It slipped

AS Ian Craig in Strathaven tells us: "Your story about the TV remote reminds me of the man who invented it – my father. In the early 1970s when a programme came on that he didn’t like, he would throw one of his slippers at the on/off button which stood proud on the front of the TV. Sorted!"

Ball game

OUR ferry stories remind Mike Jarron: "Visited Gigha some years ago, and the little vehicle ferry had hardly started out from Tayinloan when it swung around and lowered its loading ramp. This was a bit worrying, thinking about what happened to the Herald of Free Enterprise when it failed to raise its ramp. The ferry then went back and forth a few yards swinging about each time. Turned out the skipper was trying to line up on a floating object, the crew's football, which had been lost overboard so that it would be swept up the ramp.

"After several attempts, to the cheers of the passengers, the ball was retrieved by a crew member wielding a broom. That trip took about twice as long as scheduled."

Coining it in

WE read that 23 folk were barred from Glasgow libraries last year for crimes ranging from verbally abusing staff to using other people's library cards. It reminds us of the reader who told us about a chap years ago in Lanarkshire who was returning a book overdue who was told that the fine was five pence. The old chap offered up a five pound note and said he had nothing smaller, so the librarian let him off. As he turned away from the counter he was about to sneeze, yanked a hankie out of his pocket, and spilled a load of change onto the library floor.

Keeping sweet

STILL working on your diets? A west end reader emails to tells us: "I'm doing my best to cut out sugar in my diet, and now I can tell you why big girls seem happy and skinny women are bitchy."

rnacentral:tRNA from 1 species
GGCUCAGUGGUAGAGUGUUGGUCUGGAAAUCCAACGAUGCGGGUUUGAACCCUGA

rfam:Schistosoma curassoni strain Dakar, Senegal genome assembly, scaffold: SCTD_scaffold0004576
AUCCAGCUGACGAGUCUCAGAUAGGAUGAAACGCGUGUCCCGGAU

Being patient

WE pass on from social media where Glasgow-based doctor Punam Krishan recorded the following exchange in her surgery: "Patient, 'I don’t want an Asian doctor.'

Receptionist, 'She's Scottish'. Patient, 'She doesn’t look Scottish.' Receptionist, 'What do Scottish people look like?' Silence. Appointment card taken. So proud of my team."

On the tiles

SOMEHOW we stumbled into stories about the Engelbert Humperdinck song Please Release Me. Recalls John Woods: "During my time at Glasgow University in the 1960s, one of the highlights was the annual outing to Portobello where, suitably refreshed, we passed the time till the pubs opened again at five with a huge game of football on the beach. We then repaired to a local hostelry for a meal in the upstairs function room, more refreshments and, before getting the buses back home, congregated en masse in the beautifully tiled downstairs toilet which provided superb acoustics for a lusty rendition of 'Please Relieve Me'. Eat your heart out, Englebert."

Ladies night

BURNS Night stories, continued. Angela Fotheringham recalls a charity Burns Supper at a prestigious Pall Mall club in London where a bottle of whisky was provided on each table, and all the guests, the cream of London society, were urged to prepare a piece to recite if called upon. Angela particularly recalls the diplomat's wife who recited to the guests the little-heard Burns song, "Nine Inch will Please a Lady." Adds Angela: "Most poignant of all was the tall ancient man, shrunken inside his wing collar and the shiny lapels of his evening suit, who quavered a Gaelic lullaby, sung by his Highland nanny in a dim and distant past."

Needs aid

TODAY'S piece of whimsy comes from Sandy Tuckerman who says: "I sent my hearing aids away for repair three weeks ago, I’ve heard nothing since."